School of Health Sciences Earns Leadership in Health Care Award
The honor presented last month by the Greater New Haven Chamber of Commerce recognizes the School of Health Sciences’ commitment to preparing health care professionals for the 21st century.
November 13, 2018
Having been a healthcare faculty member for more than a decade at multiple institutions, Summer McGee, Ph.D., dean of the University of New Haven’s School of Health Sciences, has seen – and studied – the gap between the skills academic programs endeavor to impart and the workforce needs of health care employers.
“We must equip our students with the long-term tools to succeed in the ever-changing healthcare industry, including leadership skills, systems thinking, and understanding the root causes of disease,” says McGee. “Our School of Health Sciences is committed to working closely with employers and the healthcare community to train professionals with the skills and knowledge needed today – and in the future.”
This commitment to preparing healthcare professionals for the 21st century helped the School of Health Sciences earn the Greater New Haven Chamber of Commerce’s 2018 Leadership in Health Care award, which McGee accepted last month.
“The key for our School of Health Sciences and our students is being relevant today and future-proofed for tomorrow.” Summer McGee, Ph.D.
The award is given by the Healthcare Council of the GNHCC to institutions or individuals who have made an impact on the workforce of the region, who show leadership and innovation in their activities, and who have demonstrated commitment to improving healthcare.
“We are honored to be recognized by the Chamber for our commitment to healthcare innovation and workforce development,” said McGee. “This recognition from the business community confirms that our School of Health Sciences is at the forefront of healthcare education for the 21st century.”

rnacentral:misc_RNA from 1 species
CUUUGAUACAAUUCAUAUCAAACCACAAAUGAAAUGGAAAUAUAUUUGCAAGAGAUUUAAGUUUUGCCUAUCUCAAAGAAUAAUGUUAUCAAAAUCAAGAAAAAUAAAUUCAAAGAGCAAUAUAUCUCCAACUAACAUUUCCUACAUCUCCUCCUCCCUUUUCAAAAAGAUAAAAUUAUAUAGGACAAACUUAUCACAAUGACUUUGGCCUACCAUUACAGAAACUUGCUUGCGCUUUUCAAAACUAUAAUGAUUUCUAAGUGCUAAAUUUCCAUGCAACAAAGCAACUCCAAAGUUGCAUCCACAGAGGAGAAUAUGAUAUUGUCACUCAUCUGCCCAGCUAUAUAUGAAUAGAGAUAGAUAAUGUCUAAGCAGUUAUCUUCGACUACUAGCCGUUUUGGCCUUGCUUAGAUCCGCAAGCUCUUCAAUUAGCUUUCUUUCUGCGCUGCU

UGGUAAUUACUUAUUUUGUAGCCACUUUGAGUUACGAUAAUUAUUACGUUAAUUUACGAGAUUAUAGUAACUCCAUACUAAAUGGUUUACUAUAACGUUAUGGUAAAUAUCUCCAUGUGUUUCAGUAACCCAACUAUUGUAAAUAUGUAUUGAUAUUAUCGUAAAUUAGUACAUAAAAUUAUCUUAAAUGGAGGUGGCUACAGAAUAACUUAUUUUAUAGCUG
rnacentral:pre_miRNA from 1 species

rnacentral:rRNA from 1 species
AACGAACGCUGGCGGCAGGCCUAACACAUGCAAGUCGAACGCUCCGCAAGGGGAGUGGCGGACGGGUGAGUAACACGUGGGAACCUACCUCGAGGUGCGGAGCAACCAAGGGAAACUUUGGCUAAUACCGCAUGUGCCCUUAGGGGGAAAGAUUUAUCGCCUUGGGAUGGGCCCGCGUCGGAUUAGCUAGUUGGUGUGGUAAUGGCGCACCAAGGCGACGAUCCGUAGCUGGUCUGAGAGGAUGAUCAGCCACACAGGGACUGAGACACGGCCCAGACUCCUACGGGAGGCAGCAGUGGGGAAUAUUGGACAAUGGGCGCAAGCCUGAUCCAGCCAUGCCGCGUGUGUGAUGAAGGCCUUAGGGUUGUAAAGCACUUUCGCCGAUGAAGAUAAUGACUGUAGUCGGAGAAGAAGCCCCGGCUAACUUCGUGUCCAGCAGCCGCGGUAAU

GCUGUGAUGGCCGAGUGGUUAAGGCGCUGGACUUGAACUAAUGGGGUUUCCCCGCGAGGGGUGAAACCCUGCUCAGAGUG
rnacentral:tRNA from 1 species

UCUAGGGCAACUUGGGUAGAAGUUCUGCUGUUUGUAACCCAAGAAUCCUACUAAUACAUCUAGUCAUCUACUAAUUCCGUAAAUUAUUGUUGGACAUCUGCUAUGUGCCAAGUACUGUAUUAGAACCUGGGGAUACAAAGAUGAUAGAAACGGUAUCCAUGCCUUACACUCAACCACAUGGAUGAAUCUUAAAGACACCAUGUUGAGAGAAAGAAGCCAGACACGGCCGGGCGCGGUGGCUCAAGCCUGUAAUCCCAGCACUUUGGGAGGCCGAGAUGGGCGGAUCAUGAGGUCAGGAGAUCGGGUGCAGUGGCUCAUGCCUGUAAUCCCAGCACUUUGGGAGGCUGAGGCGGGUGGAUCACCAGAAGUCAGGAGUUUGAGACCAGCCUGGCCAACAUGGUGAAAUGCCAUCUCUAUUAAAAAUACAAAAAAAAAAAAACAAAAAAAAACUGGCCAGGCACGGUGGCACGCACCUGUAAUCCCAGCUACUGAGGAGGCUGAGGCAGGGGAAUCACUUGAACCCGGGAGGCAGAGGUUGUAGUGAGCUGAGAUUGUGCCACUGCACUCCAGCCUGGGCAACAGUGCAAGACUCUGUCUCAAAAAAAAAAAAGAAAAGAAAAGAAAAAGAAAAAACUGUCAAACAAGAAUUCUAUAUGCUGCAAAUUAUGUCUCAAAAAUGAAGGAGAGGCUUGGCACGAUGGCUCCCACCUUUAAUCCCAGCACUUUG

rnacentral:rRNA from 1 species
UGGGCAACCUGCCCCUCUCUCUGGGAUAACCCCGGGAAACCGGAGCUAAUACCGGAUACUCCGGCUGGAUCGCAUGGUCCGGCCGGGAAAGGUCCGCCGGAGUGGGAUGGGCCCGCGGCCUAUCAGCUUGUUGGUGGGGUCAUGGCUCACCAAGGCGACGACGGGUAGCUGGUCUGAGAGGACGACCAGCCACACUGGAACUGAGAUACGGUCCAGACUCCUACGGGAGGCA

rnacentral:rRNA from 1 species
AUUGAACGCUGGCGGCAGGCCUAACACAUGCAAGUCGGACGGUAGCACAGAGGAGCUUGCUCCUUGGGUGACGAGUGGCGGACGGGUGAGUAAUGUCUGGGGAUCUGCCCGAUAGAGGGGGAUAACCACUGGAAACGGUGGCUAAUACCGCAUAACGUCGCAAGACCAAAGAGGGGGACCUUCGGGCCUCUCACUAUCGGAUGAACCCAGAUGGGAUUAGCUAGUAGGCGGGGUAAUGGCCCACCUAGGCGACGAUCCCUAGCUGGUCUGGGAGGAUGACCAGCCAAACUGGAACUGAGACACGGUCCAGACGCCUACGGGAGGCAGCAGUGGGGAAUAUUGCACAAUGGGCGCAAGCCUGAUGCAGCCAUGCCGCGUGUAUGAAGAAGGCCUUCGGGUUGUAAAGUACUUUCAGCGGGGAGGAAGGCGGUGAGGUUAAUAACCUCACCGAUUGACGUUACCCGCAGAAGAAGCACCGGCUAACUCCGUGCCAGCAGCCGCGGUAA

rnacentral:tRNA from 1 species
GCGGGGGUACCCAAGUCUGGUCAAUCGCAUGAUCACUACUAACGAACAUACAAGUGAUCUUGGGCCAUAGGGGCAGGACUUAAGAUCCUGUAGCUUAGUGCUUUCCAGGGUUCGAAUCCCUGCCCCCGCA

Making the honor all the more impressive is the fact that the School of Health Sciences officially opened less than six months ago as the culmination of nearly three years of collaboration and planning by more than 25 faculty members across all schools and colleges at the University.
“Our School of Health Sciences is committed to working closely with employers and the healthcare community to train professionals with the skills and knowledge needed today – and in the future.”Summer McGee, Ph.D.
“I’m a builder,” says McGee, who previously served as chair of the University’s Department of Health Sciences. “I’m constantly looking to shape or form or create something new that can stand the test of time."
“The key for our School of Health Sciences and our students is being relevant today and future-proofed for tomorrow,” she says.
This vision is epitomized by Bryanna Leone ’20, a nutrition and dietetics major, who, among other experiences, shadowed a professor during his shift on the oncology unit of a local hospital to observe how a dietician works in a clinical setting.
“I feel like I’m learning so much that I can realistically use in the world outside of college and not just in hypothetical situations,” says Leone.